paste0("My parameters are ", paste0(row.names(summary(model)$coefficients), collapse = ", "),
", thank you for your attention!")
}
m1 <- lm(Sepal.Length ~ Petal.Width, data = iris)
print_params(m1)
#> [1] "My parameters are (Intercept), Petal.Width, thank you for your attention!"
# obviously, something is missing in the output
m2 <- mgcv::gam(Sepal.Length ~ Petal.Width + s(Petal.Length), data = iris)
print_params(m2)
#> [1] "My parameters are , thank you for your attention!"
```

As we can see, the function fails for *gam*-models. As the access to models depends on the type of the model in the R ecosystem, we would need to create specific functions for all models types. With **insight**, users can write a function without having to worry about the model type.

```
print_params <- function(model) {
paste0("My parameters are ", paste0(insight::find_parameters(model, flatten = TRUE),
collapse = ", "), ", thank you for your attention!")
}
m1 <- lm(Sepal.Length ~ Petal.Width, data = iris)
print_params(m1)
#> [1] "My parameters are (Intercept), Petal.Width, thank you for your attention!"
m2 <- mgcv::gam(Sepal.Length ~ Petal.Width + s(Petal.Length), data = iris)
print_params(m2)
#> [1] "My parameters are (Intercept), Petal.Width, s(Petal.Length), thank you for your attention!"
```

Run the following to install the latest GitHub-version of **insight**:

Or install the latest stable release from CRAN:

Please visit https://easystats.github.io/insight/ for documentation.

In case you want to file an issue or contribute in another way to the package, please follow this guide. For questions about the functionality, you may either contact us via email or also file an issue.

```
supported_models()
#> [1] "aareg" "aov" "aovlist"
#> [4] "Arima" "averaging" "bamlss"
#> [7] "bamlss.frame" "bayesx" "BBmm"
#> [10] "BBreg" "bcplm" "betareg"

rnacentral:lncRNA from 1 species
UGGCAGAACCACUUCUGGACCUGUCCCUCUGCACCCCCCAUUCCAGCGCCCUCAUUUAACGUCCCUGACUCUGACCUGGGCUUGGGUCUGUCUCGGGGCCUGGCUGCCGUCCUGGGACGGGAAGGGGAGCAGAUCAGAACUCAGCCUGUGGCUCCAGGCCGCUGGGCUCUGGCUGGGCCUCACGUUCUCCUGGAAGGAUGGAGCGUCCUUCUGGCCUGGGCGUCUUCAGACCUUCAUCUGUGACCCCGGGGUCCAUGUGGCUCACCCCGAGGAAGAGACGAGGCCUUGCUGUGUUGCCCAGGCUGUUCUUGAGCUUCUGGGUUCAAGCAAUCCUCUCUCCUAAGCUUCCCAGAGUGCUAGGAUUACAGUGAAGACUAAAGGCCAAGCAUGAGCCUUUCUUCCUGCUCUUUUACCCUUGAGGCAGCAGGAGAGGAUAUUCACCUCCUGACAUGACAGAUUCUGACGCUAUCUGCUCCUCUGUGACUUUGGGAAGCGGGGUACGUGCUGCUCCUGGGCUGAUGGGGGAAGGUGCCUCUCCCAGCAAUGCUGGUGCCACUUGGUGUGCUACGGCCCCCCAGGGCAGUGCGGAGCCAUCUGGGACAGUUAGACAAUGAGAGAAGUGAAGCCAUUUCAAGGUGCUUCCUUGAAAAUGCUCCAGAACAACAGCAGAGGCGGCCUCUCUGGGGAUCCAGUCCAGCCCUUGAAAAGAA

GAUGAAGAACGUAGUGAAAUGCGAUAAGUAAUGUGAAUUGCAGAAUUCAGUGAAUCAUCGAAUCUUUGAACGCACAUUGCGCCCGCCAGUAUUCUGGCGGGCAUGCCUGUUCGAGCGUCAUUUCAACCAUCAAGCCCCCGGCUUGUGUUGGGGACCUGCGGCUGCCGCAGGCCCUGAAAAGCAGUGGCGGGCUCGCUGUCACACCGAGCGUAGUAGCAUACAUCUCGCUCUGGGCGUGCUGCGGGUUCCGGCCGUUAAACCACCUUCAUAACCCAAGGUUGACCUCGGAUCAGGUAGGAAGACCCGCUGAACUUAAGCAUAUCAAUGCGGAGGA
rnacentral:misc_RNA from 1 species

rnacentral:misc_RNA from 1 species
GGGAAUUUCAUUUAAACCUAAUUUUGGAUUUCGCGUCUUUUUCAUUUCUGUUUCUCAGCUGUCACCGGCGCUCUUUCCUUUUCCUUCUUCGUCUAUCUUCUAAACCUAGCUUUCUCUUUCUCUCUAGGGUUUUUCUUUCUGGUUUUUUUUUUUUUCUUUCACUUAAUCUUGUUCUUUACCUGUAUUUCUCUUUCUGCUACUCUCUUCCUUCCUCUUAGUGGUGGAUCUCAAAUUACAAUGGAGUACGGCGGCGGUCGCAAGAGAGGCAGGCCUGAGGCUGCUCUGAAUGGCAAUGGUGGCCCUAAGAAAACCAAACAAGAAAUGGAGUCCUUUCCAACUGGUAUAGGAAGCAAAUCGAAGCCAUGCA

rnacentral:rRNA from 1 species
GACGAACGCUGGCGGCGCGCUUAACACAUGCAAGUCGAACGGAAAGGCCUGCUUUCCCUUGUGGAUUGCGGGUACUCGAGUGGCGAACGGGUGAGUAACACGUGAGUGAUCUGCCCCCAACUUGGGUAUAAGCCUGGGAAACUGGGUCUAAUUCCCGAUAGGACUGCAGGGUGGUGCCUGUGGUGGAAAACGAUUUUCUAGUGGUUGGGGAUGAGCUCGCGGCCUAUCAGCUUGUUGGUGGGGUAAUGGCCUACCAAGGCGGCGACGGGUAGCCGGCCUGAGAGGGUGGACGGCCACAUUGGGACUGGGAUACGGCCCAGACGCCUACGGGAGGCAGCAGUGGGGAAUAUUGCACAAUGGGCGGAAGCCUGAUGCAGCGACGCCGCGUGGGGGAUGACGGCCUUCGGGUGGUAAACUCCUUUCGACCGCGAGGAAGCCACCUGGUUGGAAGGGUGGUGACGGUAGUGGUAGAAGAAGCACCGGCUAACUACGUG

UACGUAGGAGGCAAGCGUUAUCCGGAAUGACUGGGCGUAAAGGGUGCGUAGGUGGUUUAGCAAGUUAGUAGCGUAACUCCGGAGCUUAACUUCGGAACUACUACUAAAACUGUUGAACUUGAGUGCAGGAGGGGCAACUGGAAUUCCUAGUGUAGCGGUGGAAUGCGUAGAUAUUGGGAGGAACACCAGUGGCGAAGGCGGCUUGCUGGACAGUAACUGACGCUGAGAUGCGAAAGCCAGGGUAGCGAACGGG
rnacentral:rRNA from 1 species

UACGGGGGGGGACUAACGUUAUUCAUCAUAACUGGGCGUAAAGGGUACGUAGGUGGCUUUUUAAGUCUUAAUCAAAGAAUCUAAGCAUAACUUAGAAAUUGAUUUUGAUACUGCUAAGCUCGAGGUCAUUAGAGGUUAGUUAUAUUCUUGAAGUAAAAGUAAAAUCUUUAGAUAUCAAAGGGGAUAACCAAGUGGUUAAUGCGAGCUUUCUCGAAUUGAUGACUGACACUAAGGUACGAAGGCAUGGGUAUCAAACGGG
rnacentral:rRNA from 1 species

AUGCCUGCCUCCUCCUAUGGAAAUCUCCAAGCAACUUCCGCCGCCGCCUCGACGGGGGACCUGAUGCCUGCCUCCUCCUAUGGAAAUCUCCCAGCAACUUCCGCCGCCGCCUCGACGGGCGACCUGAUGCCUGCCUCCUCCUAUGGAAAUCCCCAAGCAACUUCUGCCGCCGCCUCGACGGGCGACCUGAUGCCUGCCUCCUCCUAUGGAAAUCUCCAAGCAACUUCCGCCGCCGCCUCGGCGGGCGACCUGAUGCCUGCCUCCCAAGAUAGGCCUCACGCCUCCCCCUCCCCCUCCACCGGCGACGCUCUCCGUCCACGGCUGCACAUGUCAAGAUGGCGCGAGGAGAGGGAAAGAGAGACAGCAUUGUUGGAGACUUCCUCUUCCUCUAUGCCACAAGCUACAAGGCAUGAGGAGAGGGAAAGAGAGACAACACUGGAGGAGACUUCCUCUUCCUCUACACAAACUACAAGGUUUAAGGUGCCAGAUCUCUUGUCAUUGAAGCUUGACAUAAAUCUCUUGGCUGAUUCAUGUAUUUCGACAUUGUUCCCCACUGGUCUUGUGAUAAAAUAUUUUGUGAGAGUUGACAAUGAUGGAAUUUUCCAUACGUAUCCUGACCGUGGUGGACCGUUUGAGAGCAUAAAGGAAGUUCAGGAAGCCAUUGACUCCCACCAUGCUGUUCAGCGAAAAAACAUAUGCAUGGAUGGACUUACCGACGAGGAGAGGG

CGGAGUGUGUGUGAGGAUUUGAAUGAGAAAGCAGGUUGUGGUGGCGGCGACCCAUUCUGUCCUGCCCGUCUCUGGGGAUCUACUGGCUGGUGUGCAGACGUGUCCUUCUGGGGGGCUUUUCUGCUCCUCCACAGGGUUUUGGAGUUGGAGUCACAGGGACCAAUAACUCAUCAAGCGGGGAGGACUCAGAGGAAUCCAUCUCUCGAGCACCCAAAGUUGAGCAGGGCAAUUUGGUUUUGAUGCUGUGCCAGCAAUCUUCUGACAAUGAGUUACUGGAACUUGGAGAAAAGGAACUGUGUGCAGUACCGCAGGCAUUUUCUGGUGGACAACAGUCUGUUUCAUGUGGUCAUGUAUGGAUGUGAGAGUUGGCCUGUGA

#> [13] "BFBayesFactor" "bife" "bigglm"
#> [16] "biglm" "blavaan" "bracl"
#> [19] "brglm" "brmsfit" "brmultinom"
#> [22] "censReg" "cgam" "cgamm"
#> [25] "cglm" "clm" "clm2"
#> [28] "clmm" "clmm2" "clogit"
#> [31] "complmrob" "coxme" "coxph"
#> [34] "cpglm" "cpglmm" "crch"
#> [37] "crq" "crqs" "DirichletRegModel"
#> [40] "feglm" "feis" "felm"
#> [43] "fixest" "flexsurvreg" "gam"
#> [46] "Gam" "gamlss" "gamm"
#> [49] "gamm4" "gbm" "gee"
#> [52] "geeglm" "glimML" "glm"
#> [55] "glmmadmb" "glmmPQL" "glmmTMB"
#> [58] "glmrob" "glmRob" "glmx"
#> [61] "gls" "gmnl" "htest"
#> [64] "hurdle" "iv_robust" "ivreg"
#> [67] "lavaan" "lm" "lm_robust"
#> [70] "lme" "lmerMod" "lmerModLmerTest"
#> [73] "lmrob" "lmRob" "logistf"
#> [76] "LORgee" "lrm" "MANOVA"
#> [79] "maxLik" "mclogit" "mcmc"
#> [82] "MCMCglmm" "merMod" "mixed"
#> [85] "MixMod" "mixor" "mlm"
#> [88] "mlogit" "mmlogit" "multinom"
#> [91] "ols" "plm" "polr"
#> [94] "psm" "rlm" "rlmerMod"
#> [97] "RM" "rma" "rma.uni"
#> [100] "rq" "rqss" "speedglm"
#> [103] "speedlm" "stanmvreg" "stanreg"
#> [106] "survfit" "survreg" "svyglm"
#> [109] "svyolr" "tobit" "truncreg"
#> [112] "vgam" "vglm" "wbgee"
#> [115] "wblm" "wbm" "zcpglm"
#> [118] "zeroinfl" "zerotrunc"
```

**Didn’t find a model?**File an issue and request additional model-support in*insight*!

If this package helped you, please consider citing as follows:

Lüdecke D, Waggoner P, Makowski D. insight: A Unified Interface to Access Information from Model Objects in R. Journal of Open Source Software 2019;4:1412. doi: 10.21105/joss.01412